Chicago Relocation

Where do you stand on strategic defaults?

July 25, 2012

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John D’Ambrogio

It seems one of the buzz-phrases I heard a lot in 2011 and will surely hear in 2012 is “Strategic Defaults (SD).”  By now you’ve surely heard of a strategic default – In essence, where a homeowner who can afford their mortgage chooses instead to stop paying on it, and is willing to “take the hit” on their credit as opposed to paying on what they consider an investment gone bad.

A quick google search of the phrase brings page one results (which I will not promote by linking to) including web pages promising help for homeowners who are consider a strategic default, including such pithy headers as “strategic default v. moral obligation” and “quit feeling bad for the banks.”  Or there’s “How to strategically default and make life miserable for the banks.”  Wow.  Sounds like the seeds of an “Occupy (insert mortgage company name)” offshoot. The “Joanie loves Chachi” spinoff from “Happy Days.”  I hope they bring drums.  I love drums.

My professional colleague Steve Harney has a number of great posts on this topic at his blog – (Keeping Current Matters), including “Will Falling Values Lead to More Strategic Defaults” which provides some pretty startling stats from FannieMae, including the fact that  ”The number of underwater homeowners who believe it is okay to default on your mortgage if you are under financial distress has almost doubled in the last twelve months (14% to 27%).”  So not only do we have more people under water (the audience for a SD) but twice as many think it’s OK!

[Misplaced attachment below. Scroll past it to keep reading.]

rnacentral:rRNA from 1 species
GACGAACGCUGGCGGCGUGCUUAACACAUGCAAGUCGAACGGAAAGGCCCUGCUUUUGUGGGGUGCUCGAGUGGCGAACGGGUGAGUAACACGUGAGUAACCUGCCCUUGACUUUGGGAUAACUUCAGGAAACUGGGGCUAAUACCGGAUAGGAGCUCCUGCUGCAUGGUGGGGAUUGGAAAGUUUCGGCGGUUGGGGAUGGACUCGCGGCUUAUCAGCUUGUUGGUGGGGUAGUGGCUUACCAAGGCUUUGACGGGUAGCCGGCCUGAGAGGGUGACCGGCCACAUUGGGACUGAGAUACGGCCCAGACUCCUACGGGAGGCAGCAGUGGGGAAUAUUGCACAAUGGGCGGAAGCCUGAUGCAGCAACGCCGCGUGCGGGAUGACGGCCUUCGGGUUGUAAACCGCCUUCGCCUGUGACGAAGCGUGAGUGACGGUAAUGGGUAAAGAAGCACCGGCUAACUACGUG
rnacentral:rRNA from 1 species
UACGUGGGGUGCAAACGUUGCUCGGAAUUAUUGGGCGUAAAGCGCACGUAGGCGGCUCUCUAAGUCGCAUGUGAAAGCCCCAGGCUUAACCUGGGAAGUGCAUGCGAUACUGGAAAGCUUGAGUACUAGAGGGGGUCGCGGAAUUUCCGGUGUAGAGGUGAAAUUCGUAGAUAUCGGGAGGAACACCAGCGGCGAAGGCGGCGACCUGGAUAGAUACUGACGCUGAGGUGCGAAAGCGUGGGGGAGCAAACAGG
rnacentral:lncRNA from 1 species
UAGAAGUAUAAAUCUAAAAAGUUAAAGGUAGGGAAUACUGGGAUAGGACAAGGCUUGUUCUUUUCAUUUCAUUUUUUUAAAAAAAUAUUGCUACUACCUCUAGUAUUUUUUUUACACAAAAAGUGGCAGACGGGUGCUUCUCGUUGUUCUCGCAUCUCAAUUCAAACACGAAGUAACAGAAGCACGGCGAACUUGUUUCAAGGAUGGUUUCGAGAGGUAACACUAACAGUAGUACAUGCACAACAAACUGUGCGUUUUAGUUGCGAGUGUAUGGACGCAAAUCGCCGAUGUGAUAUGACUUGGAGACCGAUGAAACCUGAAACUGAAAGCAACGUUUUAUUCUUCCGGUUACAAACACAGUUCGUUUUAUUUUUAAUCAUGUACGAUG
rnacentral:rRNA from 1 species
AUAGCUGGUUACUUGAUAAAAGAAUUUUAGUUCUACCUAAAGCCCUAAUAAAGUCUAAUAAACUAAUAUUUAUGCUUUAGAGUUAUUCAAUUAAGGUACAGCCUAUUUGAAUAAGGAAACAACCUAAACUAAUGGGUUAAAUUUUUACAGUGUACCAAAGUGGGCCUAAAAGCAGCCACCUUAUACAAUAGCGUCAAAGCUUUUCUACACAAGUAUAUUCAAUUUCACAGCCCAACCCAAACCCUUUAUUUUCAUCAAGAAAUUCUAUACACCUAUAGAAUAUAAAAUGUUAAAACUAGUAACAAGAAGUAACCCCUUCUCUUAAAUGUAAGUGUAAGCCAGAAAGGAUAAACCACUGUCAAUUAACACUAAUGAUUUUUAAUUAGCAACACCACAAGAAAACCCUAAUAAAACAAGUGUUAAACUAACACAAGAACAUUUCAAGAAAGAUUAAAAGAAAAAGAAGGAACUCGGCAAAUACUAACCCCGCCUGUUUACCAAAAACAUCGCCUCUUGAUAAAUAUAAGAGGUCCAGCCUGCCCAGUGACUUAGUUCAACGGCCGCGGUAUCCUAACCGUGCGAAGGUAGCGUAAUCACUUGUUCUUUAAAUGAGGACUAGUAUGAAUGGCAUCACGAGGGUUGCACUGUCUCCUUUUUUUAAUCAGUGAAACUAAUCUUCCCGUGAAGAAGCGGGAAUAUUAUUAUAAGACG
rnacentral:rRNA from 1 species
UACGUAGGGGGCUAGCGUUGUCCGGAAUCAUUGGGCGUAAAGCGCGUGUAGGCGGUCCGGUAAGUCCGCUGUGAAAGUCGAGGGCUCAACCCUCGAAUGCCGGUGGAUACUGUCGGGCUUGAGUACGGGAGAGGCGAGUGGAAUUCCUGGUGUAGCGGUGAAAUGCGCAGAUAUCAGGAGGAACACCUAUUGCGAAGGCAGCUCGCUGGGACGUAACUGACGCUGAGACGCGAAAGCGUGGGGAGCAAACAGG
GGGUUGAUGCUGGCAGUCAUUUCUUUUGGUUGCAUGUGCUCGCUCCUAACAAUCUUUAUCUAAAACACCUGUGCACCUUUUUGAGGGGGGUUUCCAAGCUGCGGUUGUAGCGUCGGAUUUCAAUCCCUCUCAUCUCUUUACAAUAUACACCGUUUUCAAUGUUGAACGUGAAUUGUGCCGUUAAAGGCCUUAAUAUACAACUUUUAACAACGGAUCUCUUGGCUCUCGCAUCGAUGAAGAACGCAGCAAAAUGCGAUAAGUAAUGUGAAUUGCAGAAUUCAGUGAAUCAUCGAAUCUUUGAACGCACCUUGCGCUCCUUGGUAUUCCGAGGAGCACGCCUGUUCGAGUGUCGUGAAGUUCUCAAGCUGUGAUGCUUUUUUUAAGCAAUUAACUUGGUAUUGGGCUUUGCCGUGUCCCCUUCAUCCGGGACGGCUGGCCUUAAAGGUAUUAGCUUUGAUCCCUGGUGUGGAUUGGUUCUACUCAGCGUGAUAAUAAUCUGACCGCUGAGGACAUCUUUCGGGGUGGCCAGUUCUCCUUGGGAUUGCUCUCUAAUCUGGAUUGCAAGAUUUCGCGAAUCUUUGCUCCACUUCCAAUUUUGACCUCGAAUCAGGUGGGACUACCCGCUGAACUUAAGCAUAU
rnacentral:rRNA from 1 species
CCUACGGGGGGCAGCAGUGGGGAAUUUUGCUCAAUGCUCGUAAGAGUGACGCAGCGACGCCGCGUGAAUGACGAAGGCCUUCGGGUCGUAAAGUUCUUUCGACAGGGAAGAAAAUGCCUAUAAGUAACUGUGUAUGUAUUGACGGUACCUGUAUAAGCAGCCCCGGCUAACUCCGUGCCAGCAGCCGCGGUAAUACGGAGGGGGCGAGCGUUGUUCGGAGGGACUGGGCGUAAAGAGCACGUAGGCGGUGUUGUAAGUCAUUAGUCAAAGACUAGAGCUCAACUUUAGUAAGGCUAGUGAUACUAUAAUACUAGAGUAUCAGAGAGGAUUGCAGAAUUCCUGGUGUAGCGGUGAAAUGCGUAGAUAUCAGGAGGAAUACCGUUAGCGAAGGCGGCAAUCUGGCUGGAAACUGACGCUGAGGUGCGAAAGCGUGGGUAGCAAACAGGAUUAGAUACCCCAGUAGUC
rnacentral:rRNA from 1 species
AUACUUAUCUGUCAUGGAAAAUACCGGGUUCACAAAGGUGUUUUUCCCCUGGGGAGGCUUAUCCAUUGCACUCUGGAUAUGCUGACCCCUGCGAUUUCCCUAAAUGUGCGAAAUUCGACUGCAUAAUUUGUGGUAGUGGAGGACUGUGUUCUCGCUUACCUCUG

And in his article “One Thing That Still Concerns Us” Steve discusses a related factor – Consumer Confidence – That has the ability to further push SDs “mainstream” while causing further delays in the housing market.

Personally, I understand the professional logic of “cutting bait” when an investment has gone bad.  But to stop owning (i.e. selling) your losing shares of ABC widget company because they have less value than when you bought them is not the same.  Why?  Because you didn’t borrow the money (hopefully) from ABC to purchase their stock, which is what you do with a mortgage.

Shame on the banking system for going along with the over confidence of the real estate bubble, and turning a blind eye when they should have been a bit more parochial us? Sure.  Government intervention to force the re-working of loan terms?  Well, that’s a point one can argue.

Let people walk away from debt that they signed their name on?  I can’t agree with that.  What do you think?  Maybe we’re all in it together, because when one person defaults, we all pay.  Reminds me of a poem.  Ask not for whom that bell tolls…

It tolls for thee....




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